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It’s All in the Data

Educational Technology News Blog - Tue, 11/14/2017 - 00:39

By Mark Lieberman, Inside Higher Ed Digital

The University System of Maryland’s campuses boast diverse student bodies in terms of race, income and college preparedness. Officials believe new data collection standards will improve retention and graduation rates.  “We [needed] to understand … what does it mean when we put interventions into place?” said M.J. Bishop, director of the system’s center for academic innovation, during a panel at last week’s Educause conference here. “How do we know whether or not we’re making a difference when we put these interventions into place?” What followed was a process of introspection and realignment that the system’s leaders believe has moved the campuses toward a level playing field: standardizing disparate definitions for student success data and identifying areas where students need more help than they’re getting, particularly in the classroom and before they arrive on campus for the first time.

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As Pedagogy Changes, Learning Spaces Are Transforming Too

Educational Technology News Blog - Tue, 11/14/2017 - 00:35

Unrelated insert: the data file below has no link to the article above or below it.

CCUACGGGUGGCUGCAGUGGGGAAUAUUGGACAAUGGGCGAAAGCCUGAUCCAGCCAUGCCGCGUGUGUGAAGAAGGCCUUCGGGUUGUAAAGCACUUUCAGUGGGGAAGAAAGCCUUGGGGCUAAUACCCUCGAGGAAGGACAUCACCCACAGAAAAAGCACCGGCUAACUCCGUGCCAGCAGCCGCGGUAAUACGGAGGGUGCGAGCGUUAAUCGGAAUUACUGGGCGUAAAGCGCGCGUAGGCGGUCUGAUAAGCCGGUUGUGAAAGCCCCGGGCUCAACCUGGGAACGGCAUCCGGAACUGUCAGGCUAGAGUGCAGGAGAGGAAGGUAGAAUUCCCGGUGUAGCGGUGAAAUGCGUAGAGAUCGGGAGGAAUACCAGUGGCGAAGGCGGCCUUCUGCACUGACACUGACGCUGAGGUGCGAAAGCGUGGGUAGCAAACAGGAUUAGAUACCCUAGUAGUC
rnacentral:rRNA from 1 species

by Dennis Pierce, THE Journal

As a student, Anthony Johnson hated school. He hated sitting still at one of several cramped desks aligned in precise rows, listening to his teachers talk for hours. It’s why he dropped out of school before ultimately earning a GED, going on to college and becoming a teacher himself. “My own experience in school was awful,” he said, “and I decided that my classroom wasn’t going to look like that.” In Johnson’s classroom at H.D. Isenberg Elementary School in Salisbury, NC, students can choose from a variety of seating options. There are tables for students to collaborate in groups of four, as well as bar-style seating on taller stools and even a few couches where they can sit comfortably while they work or read independently. The school provided the tables, and Johnson supplied the rest of the furniture himself.

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Stunning: Research shows intense spike in children’s media use

Educational Technology News Blog - Tue, 11/14/2017 - 00:30